It’s been a win all around for businesses, and in some ways, for the consumer as we’ve never had such choice.

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And, companies have had to cater to consumer demand and preferences, pushing froward innovation on computers, social media, and even cars. Remember when there weren’t SUVs or crossovers? Or the focus American car companies have had to put on quality or lose their consumers to Japanese companies.

 

Where Does It Leave Us

Does this mean consumerism is the new normal? That there is no escape from it?

I’m going to argue “no”.

For all the bad rap Millennials regularly get, they are driving some industries to worry. They are more focused on experiences than stuff, and this has the diamond industry very concerned. A Millennial is more likely to skimp on the ring and splash out on a huge honeymoon. They want memories, or as some cynics might say, lots of stuff to post on social media.

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Still, millennials are harder for advertisers to reach, and advertisers are fighting to find ways to get to them.

This inability to reach people is part of the reason why advertisers are terrified of “cord cutting” and consumers moving to Netflix or Amazon Prime for their viewing needs. Why? Because they can’t easily reach large numbers people. They can’t influence us to want their product by making us think it makes us sexier, more worthy of love, of whatever other needs they’re now trying to appeal to.

Advertisers are scrambling to find other ways to reach us. Many of us don’t want to be reached. Amazing how many people pay for an ad-blocking service.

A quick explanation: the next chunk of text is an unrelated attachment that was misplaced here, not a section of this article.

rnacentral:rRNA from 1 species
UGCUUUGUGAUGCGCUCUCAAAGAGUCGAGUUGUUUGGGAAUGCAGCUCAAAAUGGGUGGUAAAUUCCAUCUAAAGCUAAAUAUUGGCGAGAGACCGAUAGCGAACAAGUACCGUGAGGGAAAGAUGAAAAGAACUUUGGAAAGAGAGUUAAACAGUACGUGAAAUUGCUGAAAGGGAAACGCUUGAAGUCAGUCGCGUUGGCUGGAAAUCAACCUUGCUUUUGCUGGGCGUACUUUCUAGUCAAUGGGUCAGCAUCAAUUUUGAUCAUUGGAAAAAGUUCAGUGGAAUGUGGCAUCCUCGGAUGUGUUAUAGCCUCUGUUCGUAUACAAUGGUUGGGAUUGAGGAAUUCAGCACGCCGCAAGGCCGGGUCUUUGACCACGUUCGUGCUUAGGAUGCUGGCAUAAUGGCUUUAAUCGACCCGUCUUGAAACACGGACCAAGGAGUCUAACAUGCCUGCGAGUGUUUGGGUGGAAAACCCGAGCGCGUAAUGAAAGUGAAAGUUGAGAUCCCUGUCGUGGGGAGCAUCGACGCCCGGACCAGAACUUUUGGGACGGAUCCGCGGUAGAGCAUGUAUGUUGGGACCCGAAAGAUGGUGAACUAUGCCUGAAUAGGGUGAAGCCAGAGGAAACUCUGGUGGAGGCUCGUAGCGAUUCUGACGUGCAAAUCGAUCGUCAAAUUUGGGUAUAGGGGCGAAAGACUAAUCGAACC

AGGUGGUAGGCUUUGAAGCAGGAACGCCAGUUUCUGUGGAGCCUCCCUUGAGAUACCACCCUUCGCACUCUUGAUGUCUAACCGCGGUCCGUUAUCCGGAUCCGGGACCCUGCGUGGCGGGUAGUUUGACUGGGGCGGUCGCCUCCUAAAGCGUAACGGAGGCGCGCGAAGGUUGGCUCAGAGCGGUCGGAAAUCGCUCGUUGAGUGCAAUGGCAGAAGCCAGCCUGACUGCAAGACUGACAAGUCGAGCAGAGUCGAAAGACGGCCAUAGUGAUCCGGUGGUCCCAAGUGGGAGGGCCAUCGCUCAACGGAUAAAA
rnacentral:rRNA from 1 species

In the advent of the internet, it also makes it more difficult for advertisers as there is no longer a mass market. The internet makes it much easier for niche markets to take hold, and for very personalized preferences to be met.

 

My Experience

I can say I’ve seen a significant change in my home when we “cut the cord” (got rid of all cable and even regular TV) in 2009. It was the Great Recession, and we had to trim expenses. Cable was an easy one for us. (So was our gym membership, but that’s another story!).

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We’ve never looked back. After seven years of being close to commercial free, you find yourself a little outside the “cutting edge” of pop culture, but we’ve learned to accept that, too. And if there’s a show you really want to watch, you can usually purchase the individual episodes or find them for free a few days later.

When we’ve gone to a friend’s house and they happened to have a football game on, we were astounded at how many commercials there were.

Afterward, we looked at the average kids’ show our daughters watch. They range between 20 and 22 minutes for a 30 minute time slot. That means a full 1/3 of a child’s show is advertising!

There’s a reason our kids’ Christmas lists are small (other than them being a little spoiled), and why we can walk down the cereal aisle and walk out with only Cheerios and no tears.

 

 

What do you think? Do you see the side-effects of consumerism? Maybe you’ve experienced them? Know someone who has? Do you think advertisers create desire? Do you think they’re part of consumerism?